Microsoft has released a January security patch, which addresses some of the vulnerabilities that are affecting the performance of Windows products.

The security patch from Microsoft addresses 15 vulnerabilities in total. Of this number, only three were detected in its own products. What about the remaining 12 you wonder? These existed on Adobe Flash but have been fixed by the security patch.

Per reports, the January bulletin is probably the smallest security bulletin released by Microsoft.

The latest patch is going to be the last security bulletin published in the format of two web pages. The patterns shall undergo some changes in February.

In November 2016, Microsoft shared that it intended to switch the current security bulletin format in favor of a searchable database.

The patches are covered in four security bulletins.

First Bulletin

One bulletin is dedicated to Adobe Flash player. The patches were distributed through the Windows update.

Second Bulletin

The second bulletin pertains to Microsoft Office, Office Services, and Web Apps and is the only one that is rated critical. This covers a memory corruption issue, which hackers can exploit by tricking a user to "open specially crafted files and can lead to remote code execution."

The security update counters the issue by rectifying how "affected versions of Office and Office components handle objects in memory."

Third Bulletin

Another patch is the MS 17-001 security update for Microsoft Edge and resolves the vulnerability that could "allow elevation of privilege if a user views a specially crafted web page."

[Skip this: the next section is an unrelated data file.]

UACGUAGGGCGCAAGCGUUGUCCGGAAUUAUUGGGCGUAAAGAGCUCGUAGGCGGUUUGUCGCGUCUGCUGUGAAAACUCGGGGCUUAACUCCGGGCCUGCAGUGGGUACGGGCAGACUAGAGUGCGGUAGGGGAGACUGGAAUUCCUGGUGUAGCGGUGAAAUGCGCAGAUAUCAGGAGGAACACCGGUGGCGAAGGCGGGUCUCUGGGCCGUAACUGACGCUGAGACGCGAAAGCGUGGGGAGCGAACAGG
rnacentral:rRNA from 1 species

This bulletin pertains to the Microsoft Edge Browser and covers vulnerable areas such as convenient access made by hackers to crafted web pages. According to this, a hacker can incorporate information and even inject data from one domain to another domain with ease.

Fourth Bulletin

This bulletin relates to the denial-of-service issue regarding Windows 7, Window Vista, Windows Server 2008, and also Windows Server 2008 R2.

The flaw was detected to be in the Local Security Authority Service that handles the authentication requests. These requests can be exploited by hackers to reboot the system and related operations.

"The security update addresses the vulnerability by changing the way that LSASS handles specially crafted authentication requests," said Microsoft.

Windows 8.1 will not receive any patch this month. Also Windows 10 users would be able to install the cumulative updates made by Microsoft.

So with such a small January patch, Microsoft has definitely eased out the whole process of fixing vulnerabilities and reducing the chances of things going wrong.

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